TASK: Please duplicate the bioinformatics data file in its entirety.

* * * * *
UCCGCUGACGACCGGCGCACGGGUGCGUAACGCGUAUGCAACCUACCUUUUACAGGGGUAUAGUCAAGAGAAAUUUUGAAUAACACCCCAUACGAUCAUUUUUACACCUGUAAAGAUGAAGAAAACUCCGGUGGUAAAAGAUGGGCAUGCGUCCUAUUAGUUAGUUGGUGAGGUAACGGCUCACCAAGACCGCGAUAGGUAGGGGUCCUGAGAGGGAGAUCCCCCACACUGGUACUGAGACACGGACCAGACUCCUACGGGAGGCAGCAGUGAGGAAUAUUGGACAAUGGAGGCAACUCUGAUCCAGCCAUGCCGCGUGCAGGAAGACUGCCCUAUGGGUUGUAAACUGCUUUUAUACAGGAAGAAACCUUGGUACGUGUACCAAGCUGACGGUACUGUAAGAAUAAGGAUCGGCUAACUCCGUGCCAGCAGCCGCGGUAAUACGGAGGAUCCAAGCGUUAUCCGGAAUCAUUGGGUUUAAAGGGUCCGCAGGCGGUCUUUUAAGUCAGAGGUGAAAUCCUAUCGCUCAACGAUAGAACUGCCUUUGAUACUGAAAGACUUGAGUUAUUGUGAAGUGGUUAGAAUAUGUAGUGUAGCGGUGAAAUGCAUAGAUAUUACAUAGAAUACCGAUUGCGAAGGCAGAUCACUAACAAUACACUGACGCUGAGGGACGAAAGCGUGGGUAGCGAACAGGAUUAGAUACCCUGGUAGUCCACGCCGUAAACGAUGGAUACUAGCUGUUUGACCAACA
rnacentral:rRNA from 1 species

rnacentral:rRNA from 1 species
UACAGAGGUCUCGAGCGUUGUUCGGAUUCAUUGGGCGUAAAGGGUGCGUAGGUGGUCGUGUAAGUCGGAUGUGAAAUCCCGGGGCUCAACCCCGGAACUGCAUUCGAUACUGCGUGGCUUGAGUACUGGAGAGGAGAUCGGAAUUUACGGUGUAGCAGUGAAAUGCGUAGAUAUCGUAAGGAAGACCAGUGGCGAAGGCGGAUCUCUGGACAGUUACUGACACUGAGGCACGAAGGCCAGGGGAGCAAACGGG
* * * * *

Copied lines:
UCCGCUGACGACCGGCGCACGGGUGCGUAACGCGUAUGCAACCUACCUUUUACAGGGGUAUAGUCAAGAGAAAUUUUGAAUAACACCCCAUACGAUCAUUUUUACACCUGUAAAGAUGAAGAAAACUCCGGUGGUAAAAGAUGGGCAUGCGUCCUAUUAGUUAGUUGGUGAGGUAACGGCUCACCAAGACCGCGAUAGGUAGGGGUCCUGAGAGGGAGAUCCCCCACACUGGUACUGAGACACGGACCAGACUCCUACGGGAGGCAGCAGUGAGGAAUAUUGGACAAUGGAGGCAACUCUGAUCCAGCCAUGCCGCGUGCAGGAAGACUGCCCUAUGGGUUGUAAACUGCUUUUAUACAGGAAGAAACCUUGGUACGUGUACCAAGCUGACGGUACUGUAAGAAUAAGGAUCGGCUAACUCCGUGCCAGCAGCCGCGGUAAUACGGAGGAUCCAAGCGUUAUCCGGAAUCAUUGGGUUUAAAGGGUCCGCAGGCGGUCUUUUAAGUCAGAGGUGAAAUCCUAUCGCUCAACGAUAGAACUGCCUUUGAUACUGAAAGACUUGAGUUAUUGUGAAGUGGUUAGAAUAUGUAGUGUAGCGGUGAAAUGCAUAGAUAUUACAUAGAAUACCGAUUGCGAAGGCAGAUCACUAACAAUACACUGACGCUGAGGGACGAAAGCGUGGGUAGCGAACAGGAUUAGAUACCCUGGUAGUCCACGCCGUAAACGAUGGAUACUAGCUGUUUGACCAACA
rnacentral:rRNA from 1 species

rnacentral:rRNA from 1 species
UACAGAGGUCUCGAGCGUUGUUCGGAUUCAUUGGGCGUAAAGGGUGCGUAGGUGGUCGUGUAAGUCGGAUGUGAAAUCCCGGGGCUCAACCCCGGAACUGCAUUCGAUACUGCGUGGCUUGAGUACUGGAGAGGAGAUCGGAAUUUACGGUGUAGCAGUGAAAUGCGUAGAUAUCGUAAGGAAGACCAGUGGCGAAGGCGGAUCUCUGGACAGUUACUGACACUGAGGCACGAAGGCCAGGGGAGCAAACGGG